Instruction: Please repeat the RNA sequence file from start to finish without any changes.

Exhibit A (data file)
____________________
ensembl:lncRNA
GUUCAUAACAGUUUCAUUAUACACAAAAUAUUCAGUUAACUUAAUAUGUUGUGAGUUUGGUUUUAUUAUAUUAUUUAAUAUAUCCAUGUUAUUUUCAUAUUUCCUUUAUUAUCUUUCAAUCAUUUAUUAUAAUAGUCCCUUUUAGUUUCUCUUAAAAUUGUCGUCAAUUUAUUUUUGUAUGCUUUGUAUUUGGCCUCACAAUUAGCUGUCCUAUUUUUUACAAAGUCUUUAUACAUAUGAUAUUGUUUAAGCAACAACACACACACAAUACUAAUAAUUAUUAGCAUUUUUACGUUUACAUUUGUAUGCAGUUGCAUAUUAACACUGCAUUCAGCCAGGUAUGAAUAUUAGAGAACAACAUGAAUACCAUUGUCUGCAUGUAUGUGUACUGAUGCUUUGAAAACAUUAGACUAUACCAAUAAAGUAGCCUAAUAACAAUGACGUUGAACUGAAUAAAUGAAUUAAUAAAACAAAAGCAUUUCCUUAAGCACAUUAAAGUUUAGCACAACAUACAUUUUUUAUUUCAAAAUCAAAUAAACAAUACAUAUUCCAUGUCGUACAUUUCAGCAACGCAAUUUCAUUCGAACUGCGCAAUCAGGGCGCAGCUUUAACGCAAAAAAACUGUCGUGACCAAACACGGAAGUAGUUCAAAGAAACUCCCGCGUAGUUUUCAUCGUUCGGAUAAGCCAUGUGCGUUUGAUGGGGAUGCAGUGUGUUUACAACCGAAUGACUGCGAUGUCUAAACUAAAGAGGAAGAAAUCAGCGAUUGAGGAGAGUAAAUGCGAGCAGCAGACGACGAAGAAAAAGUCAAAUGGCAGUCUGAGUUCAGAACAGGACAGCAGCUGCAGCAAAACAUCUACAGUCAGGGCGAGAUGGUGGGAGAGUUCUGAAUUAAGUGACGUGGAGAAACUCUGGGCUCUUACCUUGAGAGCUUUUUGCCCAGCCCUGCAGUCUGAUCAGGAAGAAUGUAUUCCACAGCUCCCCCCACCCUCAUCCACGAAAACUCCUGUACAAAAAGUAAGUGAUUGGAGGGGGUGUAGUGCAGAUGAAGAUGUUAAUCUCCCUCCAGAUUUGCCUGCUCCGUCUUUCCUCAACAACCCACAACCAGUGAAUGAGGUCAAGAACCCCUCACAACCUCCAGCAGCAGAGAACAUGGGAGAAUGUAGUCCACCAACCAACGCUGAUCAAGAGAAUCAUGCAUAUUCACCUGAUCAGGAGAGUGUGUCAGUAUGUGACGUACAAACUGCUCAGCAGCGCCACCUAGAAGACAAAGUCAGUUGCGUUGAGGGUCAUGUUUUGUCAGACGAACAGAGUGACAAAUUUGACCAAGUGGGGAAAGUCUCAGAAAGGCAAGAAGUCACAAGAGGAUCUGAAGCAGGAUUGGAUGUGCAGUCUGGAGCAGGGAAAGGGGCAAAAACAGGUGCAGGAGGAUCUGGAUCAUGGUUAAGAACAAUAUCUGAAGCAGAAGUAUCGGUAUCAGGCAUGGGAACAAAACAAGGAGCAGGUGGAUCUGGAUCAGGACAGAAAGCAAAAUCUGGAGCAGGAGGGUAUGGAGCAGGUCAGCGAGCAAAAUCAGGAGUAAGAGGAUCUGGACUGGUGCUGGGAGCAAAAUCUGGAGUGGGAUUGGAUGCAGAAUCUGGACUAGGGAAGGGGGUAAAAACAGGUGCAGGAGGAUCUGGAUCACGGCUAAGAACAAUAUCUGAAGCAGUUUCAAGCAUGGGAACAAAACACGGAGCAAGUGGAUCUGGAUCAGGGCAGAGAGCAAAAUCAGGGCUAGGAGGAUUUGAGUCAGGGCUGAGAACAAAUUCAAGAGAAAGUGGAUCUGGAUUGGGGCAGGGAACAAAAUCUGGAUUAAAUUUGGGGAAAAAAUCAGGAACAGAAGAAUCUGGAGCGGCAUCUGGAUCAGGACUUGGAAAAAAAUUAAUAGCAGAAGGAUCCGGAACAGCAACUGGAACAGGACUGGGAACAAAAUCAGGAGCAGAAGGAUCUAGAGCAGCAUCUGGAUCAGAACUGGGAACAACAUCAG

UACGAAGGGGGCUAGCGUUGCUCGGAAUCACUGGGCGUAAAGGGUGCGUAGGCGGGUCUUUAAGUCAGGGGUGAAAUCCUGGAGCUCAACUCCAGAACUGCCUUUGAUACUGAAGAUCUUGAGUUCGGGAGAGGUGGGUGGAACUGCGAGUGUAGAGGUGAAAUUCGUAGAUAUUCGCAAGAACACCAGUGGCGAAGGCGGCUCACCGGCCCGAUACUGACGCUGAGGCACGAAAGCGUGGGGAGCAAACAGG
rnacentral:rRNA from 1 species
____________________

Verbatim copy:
ensembl:lncRNA
GUUCAUAACAGUUUCAUUAUACACAAAAUAUUCAGUUAACUUAAUAUGUUGUGAGUUUGGUUUUAUUAUAUUAUUUAAUAUAUCCAUGUUAUUUUCAUAUUUCCUUUAUUAUCUUUCAAUCAUUUAUUAUAAUAGUCCCUUUUAGUUUCUCUUAAAAUUGUCGUCAAUUUAUUUUUGUAUGCUUUGUAUUUGGCCUCACAAUUAGCUGUCCUAUUUUUUACAAAGUCUUUAUACAUAUGAUAUUGUUUAAGCAACAACACACACACAAUACUAAUAAUUAUUAGCAUUUUUACGUUUACAUUUGUAUGCAGUUGCAUAUUAACACUGCAUUCAGCCAGGUAUGAAUAUUAGAGAACAACAUGAAUACCAUUGUCUGCAUGUAUGUGUACUGAUGCUUUGAAAACAUUAGACUAUACCAAUAAAGUAGCCUAAUAACAAUGACGUUGAACUGAAUAAAUGAAUUAAUAAAACAAAAGCAUUUCCUUAAGCACAUUAAAGUUUAGCACAACAUACAUUUUUUAUUUCAAAAUCAAAUAAACAAUACAUAUUCCAUGUCGUACAUUUCAGCAACGCAAUUUCAUUCGAACUGCGCAAUCAGGGCGCAGCUUUAACGCAAAAAAACUGUCGUGACCAAACACGGAAGUAGUUCAAAGAAACUCCCGCGUAGUUUUCAUCGUUCGGAUAAGCCAUGUGCGUUUGAUGGGGAUGCAGUGUGUUUACAACCGAAUGACUGCGAUGUCUAAACUAAAGAGGAAGAAAUCAGCGAUUGAGGAGAGUAAAUGCGAGCAGCAGACGACGAAGAAAAAGUCAAAUGGCAGUCUGAGUUCAGAACAGGACAGCAGCUGCAGCAAAACAUCUACAGUCAGGGCGAGAUGGUGGGAGAGUUCUGAAUUAAGUGACGUGGAGAAACUCUGGGCUCUUACCUUGAGAGCUUUUUGCCCAGCCCUGCAGUCUGAUCAGGAAGAAUGUAUUCCACAGCUCCCCCCACCCUCAUCCACGAAAACUCCUGUACAAAAAGUAAGUGAUUGGAGGGGGUGUAGUGCAGAUGAAGAUGUUAAUCUCCCUCCAGAUUUGCCUGCUCCGUCUUUCCUCAACAACCCACAACCAGUGAAUGAGGUCAAGAACCCCUCACAACCUCCAGCAGCAGAGAACAUGGGAGAAUGUAGUCCACCAACCAACGCUGAUCAAGAGAAUCAUGCAUAUUCACCUGAUCAGGAGAGUGUGUCAGUAUGUGACGUACAAACUGCUCAGCAGCGCCACCUAGAAGACAAAGUCAGUUGCGUUGAGGGUCAUGUUUUGUCAGACGAACAGAGUGACAAAUUUGACCAAGUGGGGAAAGUCUCAGAAAGGCAAGAAGUCACAAGAGGAUCUGAAGCAGGAUUGGAUGUGCAGUCUGGAGCAGGGAAAGGGGCAAAAACAGGUGCAGGAGGAUCUGGAUCAUGGUUAAGAACAAUAUCUGAAGCAGAAGUAUCGGUAUCAGGCAUGGGAACAAAACAAGGAGCAGGUGGAUCUGGAUCAGGACAGAAAGCAAAAUCUGGAGCAGGAGGGUAUGGAGCAGGUCAGCGAGCAAAAUCAGGAGUAAGAGGAUCUGGACUGGUGCUGGGAGCAAAAUCUGGAGUGGGAUUGGAUGCAGAAUCUGGACUAGGGAAGGGGGUAAAAACAGGUGCAGGAGGAUCUGGAUCACGGCUAAGAACAAUAUCUGAAGCAGUUUCAAGCAUGGGAACAAAACACGGAGCAAGUGGAUCUGGAUCAGGGCAGAGAGCAAAAUCAGGGCUAGGAGGAUUUGAGUCAGGGCUGAGAACAAAUUCAAGAGAAAGUGGAUCUGGAUUGGGGCAGGGAACAAAAUCUGGAUUAAAUUUGGGGAAAAAAUCAGGAACAGAAGAAUCUGGAGCGGCAUCUGGAUCAGGACUUGGAAAAAAAUUAAUAGCAGAAGGAUCCGGAACAGCAACUGGAACAGGACUGGGAACAAAAUCAGGAGCAGAAGGAUCUAGAGCAGCAUCUGGAUCAGAACUGGGAACAACAUCAG

UACGAAGGGGGCUAGCGUUGCUCGGAAUCACUGGGCGUAAAGGGUGCGUAGGCGGGUCUUUAAGUCAGGGGUGAAAUCCUGGAGCUCAACUCCAGAACUGCCUUUGAUACUGAAGAUCUUGAGUUCGGGAGAGGUGGGUGGAACUGCGAGUGUAGAGGUGAAAUUCGUAGAUAUUCGCAAGAACACCAGUGGCGAAGGCGGCUCACCGGCCCGAUACUGACGCUGAGGCACGAAAGCGUGGGGAGCAAACAGG
rnacentral:rRNA from 1 species